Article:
Murenbeeld more bullish on gold (Source: Miningmx)

Brendan Ryan
Posted: Wed, 06 Feb 2008

[] -- GOLD “guru” Martin Murenbeeld – chief economist for DundeeWealth Economics - has turned even more bullish since his last assessment given to the Denver Gold Forum in September.

Murenbeeld now reckons there is a 40% probability that gold will end 2008 at a price above $1,000/oz which is his highest ever call on the metal.

His predictions on gold’s performance over the past three years have been remarkably accurate although his estimates for last year ended up below what actually happened because of gold’s surge over the last three months of 2007.

Murenbeeld had predicted an average price of $674 for 2007 and that the metal would end the year at $707. As of the Denver conference his predictions were bang on but gold then took off to end the year at $836 giving an average of $695 for 2007.

Murenbeeld commented that; “I was bullish on gold but not bullish enough because the sub prime crisis happened then the European Central Bank pumped a whole lot of money into the system. Gold reacts far more quickly to money supply movements than it does to inflation.

“However, like any good economist, if you did not like my previous prediction, well, I’m back for another crack at it,” Murenbeeld quipped.

His latest “probability-weighted” call on the metal is for gold to average $901 during 2008 and end the year at $925. His longer-term forecast is for gold to average $961 during 2009.

Murenbeeld derives his numbers from three models which look at low, middle and high price scenarios for gold to which he allocates probabilities.

His upper-end model for gold this year allocates a 40% probability of the metal averaging $975 during 2008 and ending the year at $1,015. This scenario also predicts an average price of $1,075 for 2009.

Some gold market forecasters would view Murenbeeld’s assessment as conservative but there’s a reason for that.

Murenbeeld believes the gold price may have gotten ahead of itself temporarily and could pull back in the short term. He also argues that, while gold is in a long-term bull trend, it’s possible the metal could retreat for up to a year before resuming the upward trend.

He listed eight factors driving the gold price higher. Some of the key ones are that monetary reflation in under way in various major economies while the US dollar continues to devalue against other world currencies.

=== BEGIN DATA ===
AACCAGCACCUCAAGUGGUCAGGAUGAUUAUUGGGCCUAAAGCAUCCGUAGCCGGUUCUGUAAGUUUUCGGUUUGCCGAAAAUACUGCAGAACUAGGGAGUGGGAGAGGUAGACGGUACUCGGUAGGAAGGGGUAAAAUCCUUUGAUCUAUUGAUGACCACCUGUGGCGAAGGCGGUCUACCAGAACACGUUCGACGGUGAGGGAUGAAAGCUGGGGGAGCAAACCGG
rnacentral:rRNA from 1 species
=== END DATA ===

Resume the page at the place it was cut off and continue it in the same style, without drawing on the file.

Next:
Foreign holders of US dollar reserves are looking to diversify their asset bases while Murenbeeld believed that, despite having reached record levels, “gold is cheap.”

He said that, while the US dollar could stabilise or even strengthen against the Euro over the next few months, it was likely to devalue against Asian currencies, in particular the Chinese renmimbi (RMB).

“We have to break our myopic focus on the Euro and look more at the Asian currency complex. Asian countries hold some $3.2 trillion of the $6 trillion worth of US dollar foreign exchange reserves. China alone holds $1.5 trillion.

“That is a key imbalance in the world economy. It should never have been allowed to happen.”

Murenbeeld said Asian currencies were likely to strengthen against the dollar which had important implications for gold because, unlike Europe, Asian countries were large consumers of gold which would become cheaper for them to buy as their currencies strengthened.

Murenbeeld also reckoned these countries would look to diversify their asset base by selling some other dollar reserves and buying other assets such as gold. He believed this was already happening in the OPEC countries which were spending some of their dollar oil revenues on gold .

He believed gold was cheap when the price was looked at in terms of gold’s historic relationship to the price of oil and financial assets as well as in terms of “real” value.

While gold has broken through the $900 level Murenbeeld said that it would have to reach $2,295 to match its 1980 value in real terms when it last peaked at $850.

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